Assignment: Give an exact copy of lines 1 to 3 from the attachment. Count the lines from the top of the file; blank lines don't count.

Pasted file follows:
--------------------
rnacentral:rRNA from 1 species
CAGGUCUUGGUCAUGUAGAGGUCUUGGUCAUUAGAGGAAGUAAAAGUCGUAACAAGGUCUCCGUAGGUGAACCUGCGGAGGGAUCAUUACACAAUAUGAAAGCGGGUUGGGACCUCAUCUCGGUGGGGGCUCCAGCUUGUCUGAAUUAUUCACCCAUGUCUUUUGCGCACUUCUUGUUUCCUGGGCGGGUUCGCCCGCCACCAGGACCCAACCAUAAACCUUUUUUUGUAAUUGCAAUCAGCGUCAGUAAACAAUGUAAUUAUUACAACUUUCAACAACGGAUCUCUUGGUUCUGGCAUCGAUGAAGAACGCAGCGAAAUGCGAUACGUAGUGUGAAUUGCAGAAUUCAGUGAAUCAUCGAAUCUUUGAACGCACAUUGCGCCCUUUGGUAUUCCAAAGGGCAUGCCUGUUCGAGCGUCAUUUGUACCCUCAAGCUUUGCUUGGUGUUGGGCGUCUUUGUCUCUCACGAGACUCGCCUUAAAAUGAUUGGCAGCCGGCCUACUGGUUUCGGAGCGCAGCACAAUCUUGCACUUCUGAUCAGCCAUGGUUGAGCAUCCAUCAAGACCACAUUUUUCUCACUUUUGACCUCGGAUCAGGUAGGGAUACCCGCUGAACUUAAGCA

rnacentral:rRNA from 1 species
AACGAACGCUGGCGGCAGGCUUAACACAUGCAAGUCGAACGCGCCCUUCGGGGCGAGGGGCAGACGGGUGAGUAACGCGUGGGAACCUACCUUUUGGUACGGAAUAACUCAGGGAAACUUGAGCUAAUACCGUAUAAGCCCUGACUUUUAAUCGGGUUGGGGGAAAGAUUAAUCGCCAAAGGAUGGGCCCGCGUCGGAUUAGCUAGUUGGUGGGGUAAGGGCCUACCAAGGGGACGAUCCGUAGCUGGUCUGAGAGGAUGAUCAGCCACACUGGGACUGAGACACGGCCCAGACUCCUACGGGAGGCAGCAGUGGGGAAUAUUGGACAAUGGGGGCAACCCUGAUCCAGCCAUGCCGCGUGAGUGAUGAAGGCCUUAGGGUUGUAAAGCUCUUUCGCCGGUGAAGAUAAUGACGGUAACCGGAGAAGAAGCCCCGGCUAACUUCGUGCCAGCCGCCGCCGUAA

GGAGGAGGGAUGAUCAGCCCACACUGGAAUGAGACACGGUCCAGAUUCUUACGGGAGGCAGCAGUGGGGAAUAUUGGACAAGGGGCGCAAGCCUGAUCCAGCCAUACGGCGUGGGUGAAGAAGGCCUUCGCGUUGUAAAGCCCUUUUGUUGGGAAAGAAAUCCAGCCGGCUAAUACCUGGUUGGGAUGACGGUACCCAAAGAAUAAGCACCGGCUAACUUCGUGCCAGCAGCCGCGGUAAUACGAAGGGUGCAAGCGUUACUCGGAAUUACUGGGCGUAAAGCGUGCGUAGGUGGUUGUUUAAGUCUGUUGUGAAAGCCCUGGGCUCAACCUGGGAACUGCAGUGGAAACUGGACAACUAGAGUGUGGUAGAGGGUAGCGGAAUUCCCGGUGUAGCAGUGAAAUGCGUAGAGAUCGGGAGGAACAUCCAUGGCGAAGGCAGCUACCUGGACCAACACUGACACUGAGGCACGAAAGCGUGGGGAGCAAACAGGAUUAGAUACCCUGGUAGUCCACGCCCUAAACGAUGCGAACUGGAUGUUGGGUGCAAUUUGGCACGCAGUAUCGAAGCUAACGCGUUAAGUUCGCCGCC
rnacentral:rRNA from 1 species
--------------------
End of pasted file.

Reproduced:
rnacentral:rRNA from 1 species
CAGGUCUUGGUCAUGUAGAGGUCUUGGUCAUUAGAGGAAGUAAAAGUCGUAACAAGGUCUCCGUAGGUGAACCUGCGGAGGGAUCAUUACACAAUAUGAAAGCGGGUUGGGACCUCAUCUCGGUGGGGGCUCCAGCUUGUCUGAAUUAUUCACCCAUGUCUUUUGCGCACUUCUUGUUUCCUGGGCGGGUUCGCCCGCCACCAGGACCCAACCAUAAACCUUUUUUUGUAAUUGCAAUCAGCGUCAGUAAACAAUGUAAUUAUUACAACUUUCAACAACGGAUCUCUUGGUUCUGGCAUCGAUGAAGAACGCAGCGAAAUGCGAUACGUAGUGUGAAUUGCAGAAUUCAGUGAAUCAUCGAAUCUUUGAACGCACAUUGCGCCCUUUGGUAUUCCAAAGGGCAUGCCUGUUCGAGCGUCAUUUGUACCCUCAAGCUUUGCUUGGUGUUGGGCGUCUUUGUCUCUCACGAGACUCGCCUUAAAAUGAUUGGCAGCCGGCCUACUGGUUUCGGAGCGCAGCACAAUCUUGCACUUCUGAUCAGCCAUGGUUGAGCAUCCAUCAAGACCACAUUUUUCUCACUUUUGACCUCGGAUCAGGUAGGGAUACCCGCUGAACUUAAGCA

rnacentral:rRNA from 1 species